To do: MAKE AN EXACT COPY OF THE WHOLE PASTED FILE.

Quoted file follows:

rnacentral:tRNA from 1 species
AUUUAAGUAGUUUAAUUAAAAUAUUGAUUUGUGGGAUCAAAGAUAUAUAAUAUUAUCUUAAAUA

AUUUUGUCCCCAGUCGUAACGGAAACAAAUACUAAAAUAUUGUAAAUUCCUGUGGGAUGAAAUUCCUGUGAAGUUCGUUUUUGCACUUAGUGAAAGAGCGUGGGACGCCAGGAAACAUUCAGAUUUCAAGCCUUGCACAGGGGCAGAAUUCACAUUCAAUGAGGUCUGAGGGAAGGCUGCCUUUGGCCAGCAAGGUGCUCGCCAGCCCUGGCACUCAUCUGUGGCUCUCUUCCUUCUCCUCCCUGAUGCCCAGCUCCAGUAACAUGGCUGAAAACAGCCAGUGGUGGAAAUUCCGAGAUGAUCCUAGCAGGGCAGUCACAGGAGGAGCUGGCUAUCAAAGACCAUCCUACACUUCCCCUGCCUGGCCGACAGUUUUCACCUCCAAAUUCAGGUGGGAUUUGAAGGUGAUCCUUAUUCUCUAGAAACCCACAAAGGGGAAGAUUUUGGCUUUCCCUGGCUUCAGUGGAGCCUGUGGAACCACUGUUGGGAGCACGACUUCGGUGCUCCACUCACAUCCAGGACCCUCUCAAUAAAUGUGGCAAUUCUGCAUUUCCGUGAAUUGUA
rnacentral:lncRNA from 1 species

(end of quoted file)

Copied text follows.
rnacentral:tRNA from 1 species
AUUUAAGUAGUUUAAUUAAAAUAUUGAUUUGUGGGAUCAAAGAUAUAUAAUAUUAUCUUAAAUA

AUUUUGUCCCCAGUCGUAACGGAAACAAAUACUAAAAUAUUGUAAAUUCCUGUGGGAUGAAAUUCCUGUGAAGUUCGUUUUUGCACUUAGUGAAAGAGCGUGGGACGCCAGGAAACAUUCAGAUUUCAAGCCUUGCACAGGGGCAGAAUUCACAUUCAAUGAGGUCUGAGGGAAGGCUGCCUUUGGCCAGCAAGGUGCUCGCCAGCCCUGGCACUCAUCUGUGGCUCUCUUCCUUCUCCUCCCUGAUGCCCAGCUCCAGUAACAUGGCUGAAAACAGCCAGUGGUGGAAAUUCCGAGAUGAUCCUAGCAGGGCAGUCACAGGAGGAGCUGGCUAUCAAAGACCAUCCUACACUUCCCCUGCCUGGCCGACAGUUUUCACCUCCAAAUUCAGGUGGGAUUUGAAGGUGAUCCUUAUUCUCUAGAAACCCACAAAGGGGAAGAUUUUGGCUUUCCCUGGCUUCAGUGGAGCCUGUGGAACCACUGUUGGGAGCACGACUUCGGUGCUCCACUCACAUCCAGGACCCUCUCAAUAAAUGUGGCAAUUCUGCAUUUCCGUGAAUUGUA
rnacentral:lncRNA from 1 species